Domains of Consistency
Since I began developing web sites in ’96, this must be one of the most under-valued, overlooked, and most expensive concept to ignore.
I once read statistics regarding the amount of time planning a web site up front as opposed to “figuring it out” as the project dragged on, they were quite impressive. And yet, protecting the consistency of a web site is often an after thought.
Consistency of a web site spans many differently disciplines. Most people may relegate this responsibility to web designers thinking it only applies to graphics or layout. However, as the Internet’s leading e-commerce sites have taught us, the user’s experience is built upon consistency at every layer of the site.
I will now attempt to cover different logical areas of a web site that must be addressed before a site may be “consistent.”
This discipline concerns itself with what is a sites’ most valuable commodity – the communication (or receiving) of information. In other words, this asks how is your site communicating its message across all pages and is it consistent.
To briefly illustrate its significance, I’ll describe an application I developed that contained logic-intensive instructions. This site contained several financial forms for which the user was responsible to complete in a timely manner. Although some forms were small in the number of fields the user had to complete, the questions asked were quite complex and required the user to perform calculations.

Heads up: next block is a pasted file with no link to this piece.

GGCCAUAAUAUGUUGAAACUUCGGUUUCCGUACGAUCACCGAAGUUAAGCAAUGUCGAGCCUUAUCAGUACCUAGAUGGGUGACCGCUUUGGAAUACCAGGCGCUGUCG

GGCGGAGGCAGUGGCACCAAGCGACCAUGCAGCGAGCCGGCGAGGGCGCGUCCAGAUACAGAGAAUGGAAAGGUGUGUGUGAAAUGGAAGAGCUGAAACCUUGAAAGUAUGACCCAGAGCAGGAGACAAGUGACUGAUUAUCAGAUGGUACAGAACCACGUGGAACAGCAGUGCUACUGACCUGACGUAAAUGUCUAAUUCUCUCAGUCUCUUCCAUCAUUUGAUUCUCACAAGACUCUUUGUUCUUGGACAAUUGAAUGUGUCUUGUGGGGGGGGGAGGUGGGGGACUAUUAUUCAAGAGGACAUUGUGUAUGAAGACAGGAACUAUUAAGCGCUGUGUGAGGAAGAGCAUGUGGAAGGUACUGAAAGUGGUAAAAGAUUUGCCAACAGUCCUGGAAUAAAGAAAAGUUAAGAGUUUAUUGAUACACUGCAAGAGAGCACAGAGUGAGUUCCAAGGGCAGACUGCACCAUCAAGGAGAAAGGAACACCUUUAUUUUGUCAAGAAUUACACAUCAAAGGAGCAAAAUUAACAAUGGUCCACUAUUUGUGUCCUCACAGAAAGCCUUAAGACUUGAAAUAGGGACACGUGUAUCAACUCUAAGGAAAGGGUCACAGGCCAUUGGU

During development, we wrestled with how to communication the instructions is such a manner that would not only convey essential information to complete the form, but also be practically useful. In other words, we wanted to avoid presenting non-essential information.
Our final draft (there were manner versions), was an introductory block of text presented at the top of the screen to briefly describe the overall purpose of the form. Then, as the user progressed through the fields, we isolated instructions pertinent to each field near where they input their answers. Finally, at the completion of the form, we provided feedback with their results and helpful instructions on how they might correct errors they may have encountered.
While complimentary to Information Architecture, this topic focuses on how the user interacts with the site – not just passively reading content. As seen in the leading e-commerce sites, not only are their selection and purchases processes consistent, but each and every decision is presented and results received after a significant amount of study and feedback.